Andy Warhol and Film

This weekend I finished viewing the Andy Warhol: Motion Pictures show at MOMA, which I began last month.  I am a big fan of Warhol’s films, as those of you who have been following these postings know.  Warhol freezes history in time and lets you into some of his “screen test’s” thoughts and fears while manipulating their movements and creating living, breathing portraits that never age.  So interesting how this is where we are full throttle these days, isn’t it?  Was he a soothsayer or were we always like this?  Definitely a visionary.

The ends of the room show screen tests of Edie Sedgewick, Lou Reed, Allen Ginsberg and Nico, of the Velvet Underground, starring into the camera, all but Nico giving away nothing, barely even a blink. With Nico, Warhol changes the view and angle of the camera periodically.  This minor shift of the camera betrays the insecurity and unsure depths of a troubled singer.  As I stared into Nico’s face, I began to feel uncomfortable myself.  Maybe because of the tragedy I knew was coming, but mostly from her discomforted eyes conveying inner sadness.

The figures on the side walls all seemed to be taking direction of some kind.  Since there is no sound on any of these films, there is no way of knowing what that direction was but each one seemed to be different – “superstar” Baby Jane Holzer brushing her teeth with sensual vigor, Paul America trying to keep a straight face but seeming to seduce the camera, Dennis Hopper seemingly frustrated as he apparently sings parts of a song; each screen test revealing its subject’s true self in some way.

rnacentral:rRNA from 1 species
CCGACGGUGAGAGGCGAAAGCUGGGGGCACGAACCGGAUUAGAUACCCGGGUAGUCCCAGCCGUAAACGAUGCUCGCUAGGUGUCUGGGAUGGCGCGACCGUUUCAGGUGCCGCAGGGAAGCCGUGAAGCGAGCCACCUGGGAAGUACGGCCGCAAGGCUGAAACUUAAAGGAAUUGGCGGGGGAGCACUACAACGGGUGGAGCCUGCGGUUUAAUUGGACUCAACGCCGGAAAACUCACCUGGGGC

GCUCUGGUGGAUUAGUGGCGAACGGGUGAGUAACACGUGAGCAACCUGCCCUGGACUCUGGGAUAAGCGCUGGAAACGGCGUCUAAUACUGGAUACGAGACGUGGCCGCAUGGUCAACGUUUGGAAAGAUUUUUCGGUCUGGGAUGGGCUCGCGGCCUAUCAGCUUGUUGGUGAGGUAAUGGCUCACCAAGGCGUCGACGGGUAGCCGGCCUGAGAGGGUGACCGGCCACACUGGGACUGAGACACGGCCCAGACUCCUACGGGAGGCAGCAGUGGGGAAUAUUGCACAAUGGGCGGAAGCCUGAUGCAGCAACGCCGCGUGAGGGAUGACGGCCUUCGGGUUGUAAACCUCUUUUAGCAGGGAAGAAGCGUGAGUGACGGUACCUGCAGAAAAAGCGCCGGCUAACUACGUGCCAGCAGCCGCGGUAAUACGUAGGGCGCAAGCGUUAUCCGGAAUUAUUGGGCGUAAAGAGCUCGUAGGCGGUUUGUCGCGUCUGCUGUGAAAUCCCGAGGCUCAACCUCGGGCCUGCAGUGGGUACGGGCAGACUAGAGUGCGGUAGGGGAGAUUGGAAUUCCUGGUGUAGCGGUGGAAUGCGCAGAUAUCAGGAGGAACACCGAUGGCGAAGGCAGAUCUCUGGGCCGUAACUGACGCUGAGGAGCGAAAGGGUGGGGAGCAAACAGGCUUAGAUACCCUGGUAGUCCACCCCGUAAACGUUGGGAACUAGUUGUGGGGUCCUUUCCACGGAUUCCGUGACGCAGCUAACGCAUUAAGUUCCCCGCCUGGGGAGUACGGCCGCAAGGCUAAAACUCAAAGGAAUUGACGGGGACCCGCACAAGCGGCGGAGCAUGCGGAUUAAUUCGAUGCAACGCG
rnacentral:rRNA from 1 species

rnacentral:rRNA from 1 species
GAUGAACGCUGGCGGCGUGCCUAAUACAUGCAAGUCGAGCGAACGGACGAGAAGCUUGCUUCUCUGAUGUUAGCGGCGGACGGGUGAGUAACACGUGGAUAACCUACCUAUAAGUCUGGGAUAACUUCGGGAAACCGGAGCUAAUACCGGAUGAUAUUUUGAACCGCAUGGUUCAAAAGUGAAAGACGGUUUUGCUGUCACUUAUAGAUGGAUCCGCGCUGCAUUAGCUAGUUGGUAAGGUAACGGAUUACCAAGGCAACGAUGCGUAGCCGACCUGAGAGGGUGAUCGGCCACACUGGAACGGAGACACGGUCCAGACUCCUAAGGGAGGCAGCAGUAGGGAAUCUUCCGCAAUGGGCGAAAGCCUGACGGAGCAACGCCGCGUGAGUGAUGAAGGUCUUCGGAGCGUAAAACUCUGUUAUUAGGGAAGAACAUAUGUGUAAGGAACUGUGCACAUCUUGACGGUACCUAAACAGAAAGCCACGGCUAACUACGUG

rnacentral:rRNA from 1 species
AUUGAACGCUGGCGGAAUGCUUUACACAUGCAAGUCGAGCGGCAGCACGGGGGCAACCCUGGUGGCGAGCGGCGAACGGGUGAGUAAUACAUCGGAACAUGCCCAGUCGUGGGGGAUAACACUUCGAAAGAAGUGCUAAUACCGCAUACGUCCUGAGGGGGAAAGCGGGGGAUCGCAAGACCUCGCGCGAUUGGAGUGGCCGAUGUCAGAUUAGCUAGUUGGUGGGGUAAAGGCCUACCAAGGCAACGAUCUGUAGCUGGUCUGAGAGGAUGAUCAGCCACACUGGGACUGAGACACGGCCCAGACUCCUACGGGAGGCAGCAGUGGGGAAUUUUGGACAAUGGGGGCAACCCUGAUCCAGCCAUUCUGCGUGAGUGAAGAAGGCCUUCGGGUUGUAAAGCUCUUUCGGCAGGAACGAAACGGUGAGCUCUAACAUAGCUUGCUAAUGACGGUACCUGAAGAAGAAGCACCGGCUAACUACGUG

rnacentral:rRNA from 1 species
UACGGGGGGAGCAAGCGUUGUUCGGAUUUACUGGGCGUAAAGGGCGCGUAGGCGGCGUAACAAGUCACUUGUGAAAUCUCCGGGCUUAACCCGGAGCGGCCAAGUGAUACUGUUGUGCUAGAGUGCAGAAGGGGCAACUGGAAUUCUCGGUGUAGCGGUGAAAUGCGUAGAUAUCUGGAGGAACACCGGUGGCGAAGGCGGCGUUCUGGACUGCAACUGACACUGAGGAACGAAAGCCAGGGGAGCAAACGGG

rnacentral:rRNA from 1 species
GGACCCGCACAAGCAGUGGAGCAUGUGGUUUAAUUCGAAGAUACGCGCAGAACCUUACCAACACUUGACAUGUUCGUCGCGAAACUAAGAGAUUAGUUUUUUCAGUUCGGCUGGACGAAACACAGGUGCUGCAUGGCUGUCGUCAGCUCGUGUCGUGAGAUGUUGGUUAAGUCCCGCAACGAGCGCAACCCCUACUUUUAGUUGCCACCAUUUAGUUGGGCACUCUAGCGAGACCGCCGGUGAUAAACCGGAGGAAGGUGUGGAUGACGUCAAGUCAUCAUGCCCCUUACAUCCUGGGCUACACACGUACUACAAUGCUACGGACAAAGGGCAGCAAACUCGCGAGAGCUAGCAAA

At the end of the room is a large screen with a theater style seating arrangement.

Andy Warhol, Kiss

I spent just about an hour, sitting in the comfortable theater seats, watching the majority of Warhol’s Kiss, a composite of sequences of people kissing.  I was fascinated watching the variances in kissing technique and passion as I realized the first several pairings were men and women with the men older than the women and the men dominating, or being physically over, the women.  Just as I realized these details, the couples switched to dominant women who were older than their male partners, then racially mixed couples, then, finally, male couples.  Now, this is where it started getting interesting because as soon as two thirds of the men in the room realized that they were watching two men kissing, they jumped out of their seats like they had rockets in their pants, hmmmm….very suspicious.  I had to laugh.

This show runs at the MOMA through March 21, 2011.

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